Your people say a lot about you.
I’m not implying that they gossip about you or that they say complimentary things about you (although they may). What I mean is this: the way your employees behave to customers — in person, over the phone, in writing — is a statement about you and your company.
Of course, courtesy and respect of customers should be a given; each person should know that it is his or her responsibility and that it is expected.
Sooner or later, however, most companies end up with some type of guidelines for customer relations. These companies recognize that it is not just the president or the salesperson or the estimator who needs to know how to interact with customers. For example, when a customer enters the pressroom to do a press check, everyone from the press operator to the custodian to the customer service rep to the ink room manager should know how to make a good impression.
And once the guidelines are in place, employees know that rude behavior is not sanctioned and will be dealt with if it is chronic.
However, there has developed a grey area where rudeness is expected, tolerated and even venerated. Consider the people in our companies who are our network administrators, our prepress gurus, our website masters, our techno prima donnas.
Some are great, don’t get me wrong: they’re true wizards and nice people as well.
Others fall into a category I see in every city, in every region. They are people who think they can operate outside the laws of decency. They don’t believe they should treat customers with respect, dignity and courtesy. In fact, many of these people verbally abuse your customers, intimidate them, tell them their work is garbage and unsalvageable, tell them they are too busy to worry about their petty problems, tell them that “that’s just the way the system’s set up,” tell them that they hate this stinking job and they’re just waiting for a job at Google.
Furthermore, as technology evolves, these are the employees who end up spending the most time with your customers! What astounds me is that owners and managers who normally would not tolerate this type of behavior in other employees, can come up with a dozen excuses to justify it.
1. We paid a high price to get these folks.
2. We don’t understand anything they say.
3. We don’t understand their jobs.
4. They work odd hours, and we never get to see them so we can chastise them.
5. We’re afraid that if we reprimand them (or gently outline our standards of dealing with the public) they will leave.
6. We’re afraid that they’re just a temper tantrum away from quitting, since that’s how we got them in the first place.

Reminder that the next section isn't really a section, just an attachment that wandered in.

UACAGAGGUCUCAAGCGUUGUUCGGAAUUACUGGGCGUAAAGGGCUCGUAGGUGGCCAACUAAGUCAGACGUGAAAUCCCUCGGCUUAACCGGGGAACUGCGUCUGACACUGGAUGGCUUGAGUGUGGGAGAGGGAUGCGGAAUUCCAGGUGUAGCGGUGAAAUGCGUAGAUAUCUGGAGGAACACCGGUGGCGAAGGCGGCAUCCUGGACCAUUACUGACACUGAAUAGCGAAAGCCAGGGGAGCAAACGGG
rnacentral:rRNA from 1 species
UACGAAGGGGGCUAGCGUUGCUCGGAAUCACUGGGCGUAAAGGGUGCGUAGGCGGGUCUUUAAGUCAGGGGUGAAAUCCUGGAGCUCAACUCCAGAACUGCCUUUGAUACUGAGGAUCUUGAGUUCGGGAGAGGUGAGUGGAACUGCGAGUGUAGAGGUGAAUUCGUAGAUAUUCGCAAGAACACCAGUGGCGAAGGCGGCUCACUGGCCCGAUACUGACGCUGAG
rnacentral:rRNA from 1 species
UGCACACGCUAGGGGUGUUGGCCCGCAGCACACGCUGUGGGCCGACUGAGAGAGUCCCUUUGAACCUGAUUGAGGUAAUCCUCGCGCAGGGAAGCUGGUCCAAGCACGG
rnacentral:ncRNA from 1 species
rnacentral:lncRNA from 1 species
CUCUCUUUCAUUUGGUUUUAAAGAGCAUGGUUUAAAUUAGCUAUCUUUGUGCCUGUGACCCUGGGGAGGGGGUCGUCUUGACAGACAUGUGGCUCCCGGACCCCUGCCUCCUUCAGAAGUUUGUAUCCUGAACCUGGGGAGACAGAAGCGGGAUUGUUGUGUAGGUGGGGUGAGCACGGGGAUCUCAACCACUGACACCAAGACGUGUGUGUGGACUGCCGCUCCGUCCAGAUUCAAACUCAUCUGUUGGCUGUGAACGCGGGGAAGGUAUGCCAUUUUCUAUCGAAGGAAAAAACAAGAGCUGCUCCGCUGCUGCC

7. They’re pioneers in the digital realm and should not have to be reined in by customer relations.
8. If they’re short term employees (hired guns and renegades) who are only in your face long enough to establish a system and then get out, their effect (and damage) on our customers supposedly will be insignificant.
9. If our customers are afraid of them, they’ll think we’re cool and smart and technologically advanced.
10. They’re misfits who never learned social graces, so we should feel sorry for them.
11. If we try to hire someone else, the new person may be really obnoxious, and, worst of all,
12. Everyone does it.
In the end, however, it boils down to you, the employer. Because each and every person who deals with your customers needs to know what your ground rules are—whether you express them directly, in a meeting, in a memo, or in a handbook.
I have kept the following clipping for years because it echoes what I believe about customer service, and because it especially applies now that we have begun to make excuses for our techno-nerds.
It is written by Ned Thomson, president of Thomson-Shore*, a book printing firm in Dexter, Michigan. Thomson says: “Our belief has always been that a company’s success should rely on every employee’s individual contribution. Each employee . . . press operator, receptionist, president, janitor, etc. . . . each person has an opportunity to influence what the customer thinks about our company, and those collective impressions determine whether we succeed or fail. We believe quality is not just the appearance of the book we print but it also the way we respond to a customer. It is how fast we return quotes, how fast we answer the phone or return your calls, how we respond if there is a problem, how we respond if a customer asks a questions or seeks advice, how quickly we ship . . . all those things that we would like to have done for us if we were the customer.
“It may sound corny,” adds Thomson, “but the ‘Golden Rule’ can be a pretty good thing to keep in mind when you conduct business — because customers will respond to it.”
*Printer’s Ink, Volume 7, Issue 4, Winter 1992, published by Thomson-Shore, Dexter, Michigan.